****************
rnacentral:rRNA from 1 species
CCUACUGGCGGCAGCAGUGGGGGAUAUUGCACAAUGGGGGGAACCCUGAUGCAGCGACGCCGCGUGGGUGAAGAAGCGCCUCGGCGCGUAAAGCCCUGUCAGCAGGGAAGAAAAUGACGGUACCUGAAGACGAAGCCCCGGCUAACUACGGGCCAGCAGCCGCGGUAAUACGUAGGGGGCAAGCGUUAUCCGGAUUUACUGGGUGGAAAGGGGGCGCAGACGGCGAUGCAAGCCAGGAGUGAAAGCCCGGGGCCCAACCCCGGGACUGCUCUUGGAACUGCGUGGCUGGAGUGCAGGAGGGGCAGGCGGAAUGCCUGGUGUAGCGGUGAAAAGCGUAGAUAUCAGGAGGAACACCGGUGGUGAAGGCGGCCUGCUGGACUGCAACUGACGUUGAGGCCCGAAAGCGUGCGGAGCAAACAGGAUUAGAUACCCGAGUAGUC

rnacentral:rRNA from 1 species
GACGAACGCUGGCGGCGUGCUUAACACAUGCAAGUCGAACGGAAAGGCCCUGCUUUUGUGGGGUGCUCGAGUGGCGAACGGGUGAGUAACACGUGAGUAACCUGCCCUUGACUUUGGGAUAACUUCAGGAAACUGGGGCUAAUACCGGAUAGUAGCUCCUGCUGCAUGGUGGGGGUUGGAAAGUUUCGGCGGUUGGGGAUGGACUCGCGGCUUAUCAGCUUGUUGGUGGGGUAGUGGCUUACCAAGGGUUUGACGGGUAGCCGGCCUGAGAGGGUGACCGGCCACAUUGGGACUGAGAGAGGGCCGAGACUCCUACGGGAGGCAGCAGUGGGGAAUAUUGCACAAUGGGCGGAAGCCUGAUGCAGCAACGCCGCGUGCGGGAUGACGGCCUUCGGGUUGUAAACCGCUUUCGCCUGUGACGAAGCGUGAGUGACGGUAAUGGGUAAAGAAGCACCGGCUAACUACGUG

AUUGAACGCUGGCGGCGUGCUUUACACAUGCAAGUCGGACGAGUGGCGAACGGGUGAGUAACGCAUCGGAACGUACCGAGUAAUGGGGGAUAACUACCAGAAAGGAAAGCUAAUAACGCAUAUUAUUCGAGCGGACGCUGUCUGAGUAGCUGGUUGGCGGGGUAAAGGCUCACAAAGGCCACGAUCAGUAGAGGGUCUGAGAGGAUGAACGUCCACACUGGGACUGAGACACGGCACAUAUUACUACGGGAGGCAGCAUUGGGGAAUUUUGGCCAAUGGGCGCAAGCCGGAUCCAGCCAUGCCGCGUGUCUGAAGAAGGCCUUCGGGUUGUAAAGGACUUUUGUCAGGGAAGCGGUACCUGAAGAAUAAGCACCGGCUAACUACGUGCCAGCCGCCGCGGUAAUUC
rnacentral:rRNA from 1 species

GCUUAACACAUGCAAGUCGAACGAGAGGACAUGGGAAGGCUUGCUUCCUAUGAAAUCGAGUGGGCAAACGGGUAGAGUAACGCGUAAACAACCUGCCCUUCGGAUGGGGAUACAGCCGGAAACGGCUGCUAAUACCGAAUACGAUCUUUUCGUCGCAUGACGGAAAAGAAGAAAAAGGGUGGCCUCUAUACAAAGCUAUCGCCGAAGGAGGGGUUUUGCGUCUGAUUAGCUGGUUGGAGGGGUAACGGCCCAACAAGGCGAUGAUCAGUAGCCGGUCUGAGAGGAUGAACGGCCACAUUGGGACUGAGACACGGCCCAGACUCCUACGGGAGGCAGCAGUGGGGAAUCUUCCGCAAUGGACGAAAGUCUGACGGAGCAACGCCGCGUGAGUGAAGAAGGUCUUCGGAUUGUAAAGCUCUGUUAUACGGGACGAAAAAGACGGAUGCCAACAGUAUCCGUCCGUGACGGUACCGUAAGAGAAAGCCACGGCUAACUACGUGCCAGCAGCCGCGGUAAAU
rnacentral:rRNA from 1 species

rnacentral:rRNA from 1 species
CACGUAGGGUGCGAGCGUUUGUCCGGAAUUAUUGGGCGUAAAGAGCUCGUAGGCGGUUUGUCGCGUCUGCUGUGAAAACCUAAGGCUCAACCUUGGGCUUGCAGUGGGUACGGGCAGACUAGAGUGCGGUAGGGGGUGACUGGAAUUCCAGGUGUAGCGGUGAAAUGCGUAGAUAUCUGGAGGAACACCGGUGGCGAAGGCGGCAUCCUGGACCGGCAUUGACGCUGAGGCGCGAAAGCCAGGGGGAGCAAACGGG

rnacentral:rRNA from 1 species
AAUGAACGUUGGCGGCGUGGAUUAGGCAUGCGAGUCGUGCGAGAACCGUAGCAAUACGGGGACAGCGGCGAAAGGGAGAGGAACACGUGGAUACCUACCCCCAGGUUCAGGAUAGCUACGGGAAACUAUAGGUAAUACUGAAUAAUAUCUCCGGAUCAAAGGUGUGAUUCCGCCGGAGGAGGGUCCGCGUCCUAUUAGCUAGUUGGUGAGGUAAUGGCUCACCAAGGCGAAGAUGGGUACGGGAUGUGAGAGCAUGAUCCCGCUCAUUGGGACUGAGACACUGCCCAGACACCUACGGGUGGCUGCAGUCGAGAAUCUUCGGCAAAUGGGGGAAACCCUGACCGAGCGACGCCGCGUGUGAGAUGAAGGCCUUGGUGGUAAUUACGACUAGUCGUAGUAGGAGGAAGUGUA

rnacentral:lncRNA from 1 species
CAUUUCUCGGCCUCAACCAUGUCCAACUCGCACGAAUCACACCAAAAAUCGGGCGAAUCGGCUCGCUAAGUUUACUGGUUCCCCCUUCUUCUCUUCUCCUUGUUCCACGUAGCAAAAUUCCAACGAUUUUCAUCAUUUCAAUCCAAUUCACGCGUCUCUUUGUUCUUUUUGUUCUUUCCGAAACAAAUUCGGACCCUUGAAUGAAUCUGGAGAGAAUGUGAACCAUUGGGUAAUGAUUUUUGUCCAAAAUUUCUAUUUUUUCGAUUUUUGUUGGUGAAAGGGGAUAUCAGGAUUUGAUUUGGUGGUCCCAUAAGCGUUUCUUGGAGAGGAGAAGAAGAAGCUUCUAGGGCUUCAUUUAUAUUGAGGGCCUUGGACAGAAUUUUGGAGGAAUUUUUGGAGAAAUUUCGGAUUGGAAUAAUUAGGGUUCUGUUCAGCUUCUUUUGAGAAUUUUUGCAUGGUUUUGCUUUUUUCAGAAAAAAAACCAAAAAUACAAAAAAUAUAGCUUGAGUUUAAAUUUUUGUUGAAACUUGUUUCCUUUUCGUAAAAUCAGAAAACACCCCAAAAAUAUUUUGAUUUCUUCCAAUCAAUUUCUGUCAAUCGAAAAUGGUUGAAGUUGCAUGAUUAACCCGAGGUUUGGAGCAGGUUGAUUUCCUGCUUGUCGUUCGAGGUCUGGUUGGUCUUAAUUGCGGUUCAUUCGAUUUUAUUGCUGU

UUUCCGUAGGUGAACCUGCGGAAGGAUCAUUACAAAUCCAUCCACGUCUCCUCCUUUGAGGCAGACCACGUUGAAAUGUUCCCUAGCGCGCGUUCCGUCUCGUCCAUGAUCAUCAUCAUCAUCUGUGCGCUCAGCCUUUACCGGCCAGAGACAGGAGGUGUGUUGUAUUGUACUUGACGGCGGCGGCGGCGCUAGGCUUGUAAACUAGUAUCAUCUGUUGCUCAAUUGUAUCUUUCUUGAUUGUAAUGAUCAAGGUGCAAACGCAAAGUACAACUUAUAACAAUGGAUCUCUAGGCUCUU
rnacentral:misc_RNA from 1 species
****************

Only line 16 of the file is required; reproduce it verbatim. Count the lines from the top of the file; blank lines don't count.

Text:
rnacentral:misc_RNA from 1 species